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Articles by K. Nazeradl
Total Records ( 5 ) for K. Nazeradl
  R. Salamatdoustnobar , K. Nazeradl , H. Aghdamshahriyar , A. Ghorbani and P. Fouladi
  To assess the effect of supplying Canola Oil (CO) and Choline Chloride Supplement (CCS) in the diet on Fatty Acid (FA) composition and omega 6 to omega 3 ratio in broiler breast and thigh meat, diets enriched with 0, 2, or 4% CO plus CCS (0 , 500 and 1000 ppm). These diets were isonitrogenous and isoenergetic were given to broiler chickens throughout a 42-d growth period. This trial was conducted in 33 factorial experiment. Birds were slaughtered at 56 d of age. After weighing the eviscerated carcass was apportioned into commercial cuts (back, two leg-thigh, two wings and breast). Breast and thigh meat samples were separated and frozen at -20 C until to determine as fatty acid profile. Data was analyzed with one way ANOVA and means compared with Duncan test. Interaction effects of CO and CCS was significant (p< 0.0001). Results show that using CO with high level of omega 3 fatty acids could influence fatty acid profile and improved meat quality. Means of fatty acids percent for meat samples and 6/ 3 fatty acids ratio was decrease and quality of fatty acid composition improved with increase CO and CCS levels. For thigh meat samples this ratio was descend from 11.73% for T1(0% CO and 0 ppm CCS) to 3.72 for T9(4 % Co and 1000 md kg 1 CCS) and in breast meat samples 9.01 and 3.55%, respectively.
  R. Salamat Doust Nobar , K. Nazeradl , A. Gorbani , H. Aghdamshahriar and J. Gheyasi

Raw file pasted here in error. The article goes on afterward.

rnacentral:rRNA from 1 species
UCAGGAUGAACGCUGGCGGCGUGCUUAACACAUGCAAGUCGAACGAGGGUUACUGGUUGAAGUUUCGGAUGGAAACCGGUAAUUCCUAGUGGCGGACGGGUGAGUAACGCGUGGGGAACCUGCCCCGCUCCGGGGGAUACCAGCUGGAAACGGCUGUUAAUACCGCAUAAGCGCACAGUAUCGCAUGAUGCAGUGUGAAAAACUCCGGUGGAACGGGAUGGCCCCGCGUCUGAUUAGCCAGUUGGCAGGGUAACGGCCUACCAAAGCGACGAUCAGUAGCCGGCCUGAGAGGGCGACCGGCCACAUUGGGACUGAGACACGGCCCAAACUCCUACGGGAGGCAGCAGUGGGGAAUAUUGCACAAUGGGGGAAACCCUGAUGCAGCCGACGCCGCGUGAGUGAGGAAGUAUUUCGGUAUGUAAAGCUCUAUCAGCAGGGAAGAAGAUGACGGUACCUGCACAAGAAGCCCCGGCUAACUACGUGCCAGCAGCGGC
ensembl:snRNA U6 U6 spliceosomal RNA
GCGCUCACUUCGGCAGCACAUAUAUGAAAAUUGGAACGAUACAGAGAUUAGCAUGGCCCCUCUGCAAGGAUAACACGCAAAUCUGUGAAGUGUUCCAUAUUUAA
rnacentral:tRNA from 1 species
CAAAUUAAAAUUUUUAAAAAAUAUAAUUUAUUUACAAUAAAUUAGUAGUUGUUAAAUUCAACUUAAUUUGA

One of the most famous omega 3 fatty acids source is canola oil. The aim of this study was to evaluate the effects on omega 3 fatty acids include of Docosahexaenoic (DHA) and Eicosapentaenoic (EPA) content when Canola Oil (CO) was included in broiler chicks rations. Ninety one day old male broiler chicks (Ross- 308) were randomly distributed into 3 treatment: Control (0% CO), 2% CO and 4% CO for 5 week. These diets were isonitrogenous and isoenergetic were given to broiler chickens throughout a 42 days growth period. Eicosapentaenoic and docosahexaenoic acids and other fatty acids were analyzed by gas chromatography. This trial was conducted in completely randomized design. Birds were slaughtered at 56 days of age. Breast and thigh meat samples were separated and frozen at -20C until to determine as fatty acid profile. Data was analyzed with one way ANOVA and means compared with Duncan test. Results show that using CO with high level of omega 3 fatty acids could influence fatty acid profile and improved meat quality. With increasing dietary canola oil level in diet (from 0-4 g kg 1 diet) omega 3 contents that were significantly (p< 0.05) increased in thigh and breast meat. N-3 fatty acids, DHA and EPA content were significant among treatment (p< 0.05).